But was it enough to offset the lost revenue from the COVID-19 pandemic?
“There’s still a good portion of people who just don’t feel comfortable coming in yet and we are negatively impacted by that,” said Richard Price, owner of the Alamo Shoes in Andersonville.
Their shelves are stocked – but the store is nearly empty because the small business just isn’t getting the foot traffic it once did before the pandemic.
But over the Black Friday weekend, things changed – for just a bit.
“Since we reopened in June, this past Friday and Saturday were the busiest days we’ve seen since June, so that is positive,” Price said.
But it’s still down in comparison to last year’s sales.
“Year over year, if we compared 2020 to 2019, I’m down about 40%,” Price said. “In those three days around Black Friday, we’re seeing around a 20% decrease in business.”
It’s a reality many local businesses in the area are facing. But some, like Bryn Mawr Jewelry, have a different story to tell.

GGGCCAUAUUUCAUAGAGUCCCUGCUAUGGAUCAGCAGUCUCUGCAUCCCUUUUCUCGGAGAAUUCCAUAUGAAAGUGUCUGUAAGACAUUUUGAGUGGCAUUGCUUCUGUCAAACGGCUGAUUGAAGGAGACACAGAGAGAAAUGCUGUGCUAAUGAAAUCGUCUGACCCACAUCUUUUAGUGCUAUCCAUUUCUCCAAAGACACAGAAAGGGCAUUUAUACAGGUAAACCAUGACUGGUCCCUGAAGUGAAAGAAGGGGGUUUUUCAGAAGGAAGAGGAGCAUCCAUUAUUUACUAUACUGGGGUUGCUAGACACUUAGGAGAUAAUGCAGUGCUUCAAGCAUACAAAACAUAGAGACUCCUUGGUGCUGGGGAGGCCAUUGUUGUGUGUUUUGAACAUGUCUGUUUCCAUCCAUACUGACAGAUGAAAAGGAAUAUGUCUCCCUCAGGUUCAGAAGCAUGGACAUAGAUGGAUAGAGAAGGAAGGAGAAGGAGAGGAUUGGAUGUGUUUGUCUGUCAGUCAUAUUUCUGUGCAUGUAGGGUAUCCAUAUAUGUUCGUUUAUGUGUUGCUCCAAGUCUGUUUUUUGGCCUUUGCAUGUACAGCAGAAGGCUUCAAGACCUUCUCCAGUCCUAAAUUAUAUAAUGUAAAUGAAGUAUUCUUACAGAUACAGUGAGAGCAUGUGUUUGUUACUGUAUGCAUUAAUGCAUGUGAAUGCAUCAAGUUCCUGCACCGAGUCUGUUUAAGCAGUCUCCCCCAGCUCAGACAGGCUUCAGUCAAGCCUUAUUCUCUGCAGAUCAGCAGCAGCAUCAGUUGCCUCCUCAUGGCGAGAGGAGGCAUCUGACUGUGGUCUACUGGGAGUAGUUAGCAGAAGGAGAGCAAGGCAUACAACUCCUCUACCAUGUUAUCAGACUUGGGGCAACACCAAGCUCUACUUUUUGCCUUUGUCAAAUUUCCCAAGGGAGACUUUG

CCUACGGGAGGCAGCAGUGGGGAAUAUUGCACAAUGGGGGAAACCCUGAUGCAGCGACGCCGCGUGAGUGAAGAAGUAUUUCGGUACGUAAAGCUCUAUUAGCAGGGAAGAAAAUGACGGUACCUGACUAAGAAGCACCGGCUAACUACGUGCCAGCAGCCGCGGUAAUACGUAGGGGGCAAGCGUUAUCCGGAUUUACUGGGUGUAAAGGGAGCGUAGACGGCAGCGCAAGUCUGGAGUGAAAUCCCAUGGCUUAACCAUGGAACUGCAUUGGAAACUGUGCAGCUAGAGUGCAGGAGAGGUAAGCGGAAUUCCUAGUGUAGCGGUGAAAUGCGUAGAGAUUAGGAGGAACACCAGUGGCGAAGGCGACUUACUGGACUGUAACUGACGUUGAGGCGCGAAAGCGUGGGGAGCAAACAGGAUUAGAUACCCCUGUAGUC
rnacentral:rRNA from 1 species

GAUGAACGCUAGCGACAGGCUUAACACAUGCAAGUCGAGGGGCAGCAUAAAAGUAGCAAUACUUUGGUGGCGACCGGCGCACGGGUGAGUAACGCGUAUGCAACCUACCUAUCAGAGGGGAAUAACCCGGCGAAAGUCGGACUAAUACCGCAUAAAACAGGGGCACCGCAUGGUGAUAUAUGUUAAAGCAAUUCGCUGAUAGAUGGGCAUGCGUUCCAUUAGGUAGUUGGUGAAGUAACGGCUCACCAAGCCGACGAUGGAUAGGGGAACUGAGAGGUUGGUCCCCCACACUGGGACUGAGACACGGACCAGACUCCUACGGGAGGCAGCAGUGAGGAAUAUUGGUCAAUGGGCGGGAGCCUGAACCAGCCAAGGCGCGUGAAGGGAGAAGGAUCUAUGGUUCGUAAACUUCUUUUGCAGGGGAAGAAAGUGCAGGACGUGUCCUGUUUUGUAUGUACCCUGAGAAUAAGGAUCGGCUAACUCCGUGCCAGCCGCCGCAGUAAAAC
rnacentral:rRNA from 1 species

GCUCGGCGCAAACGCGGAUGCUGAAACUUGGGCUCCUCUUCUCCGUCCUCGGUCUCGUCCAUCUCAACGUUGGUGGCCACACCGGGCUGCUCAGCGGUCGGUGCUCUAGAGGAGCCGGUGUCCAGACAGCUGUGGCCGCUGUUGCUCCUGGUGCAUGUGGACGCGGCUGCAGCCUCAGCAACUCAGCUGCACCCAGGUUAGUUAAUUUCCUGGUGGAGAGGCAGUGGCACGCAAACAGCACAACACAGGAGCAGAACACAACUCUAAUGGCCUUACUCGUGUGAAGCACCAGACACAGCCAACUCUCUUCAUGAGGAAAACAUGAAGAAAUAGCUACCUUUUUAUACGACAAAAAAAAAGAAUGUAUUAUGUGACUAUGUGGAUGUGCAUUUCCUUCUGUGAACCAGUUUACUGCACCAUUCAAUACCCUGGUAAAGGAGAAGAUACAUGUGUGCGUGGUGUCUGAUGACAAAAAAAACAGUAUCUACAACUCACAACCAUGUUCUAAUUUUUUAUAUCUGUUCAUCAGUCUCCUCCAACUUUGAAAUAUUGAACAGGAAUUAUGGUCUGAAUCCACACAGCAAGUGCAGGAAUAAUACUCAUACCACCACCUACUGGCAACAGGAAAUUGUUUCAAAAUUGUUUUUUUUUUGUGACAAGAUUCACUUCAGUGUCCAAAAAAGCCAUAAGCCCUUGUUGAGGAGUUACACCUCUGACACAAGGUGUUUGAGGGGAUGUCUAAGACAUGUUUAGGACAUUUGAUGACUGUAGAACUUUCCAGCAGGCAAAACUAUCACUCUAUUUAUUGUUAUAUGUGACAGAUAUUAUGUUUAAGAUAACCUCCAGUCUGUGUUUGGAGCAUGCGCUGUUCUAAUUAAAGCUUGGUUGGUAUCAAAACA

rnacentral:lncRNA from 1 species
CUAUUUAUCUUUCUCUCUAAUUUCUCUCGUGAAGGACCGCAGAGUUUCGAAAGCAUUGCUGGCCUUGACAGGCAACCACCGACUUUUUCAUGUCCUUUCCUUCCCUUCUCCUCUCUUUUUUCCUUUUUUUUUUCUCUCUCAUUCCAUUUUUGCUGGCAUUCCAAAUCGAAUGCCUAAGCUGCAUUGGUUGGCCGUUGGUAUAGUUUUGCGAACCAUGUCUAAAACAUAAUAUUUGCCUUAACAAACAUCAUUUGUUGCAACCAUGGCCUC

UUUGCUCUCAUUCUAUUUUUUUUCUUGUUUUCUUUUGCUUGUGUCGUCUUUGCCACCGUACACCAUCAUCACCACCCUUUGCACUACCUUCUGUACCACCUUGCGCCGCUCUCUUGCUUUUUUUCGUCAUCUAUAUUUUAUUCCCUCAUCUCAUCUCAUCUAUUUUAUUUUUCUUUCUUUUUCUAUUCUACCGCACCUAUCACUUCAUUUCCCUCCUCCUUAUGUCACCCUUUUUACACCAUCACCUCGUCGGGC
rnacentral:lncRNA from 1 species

“Without a doubt, we would not be where we are today without small business. Every sale puts food on our tables, that’s a fact,” Owner Scott Freeman said.
Freeman opened the store’s new location three weeks before the lockdown in March – but when he reopened a couple of months later, he was pleasantly surprised.
The same goes for this past weekend.
“Every day, I swear to God I have to pinch myself. Everyone’s been so supportive,” Freeman said. “People want to do something nice for themselves or nice for somebody else. I guess buy something that means a lot and will last the test of time.”
Though the coming weeks will be different for every small business – the message they’re sending is clear, they’ll need the communities’ help to survive.
“So many small businesses are closing and now more than ever small business really needs the support,” Freeman added.
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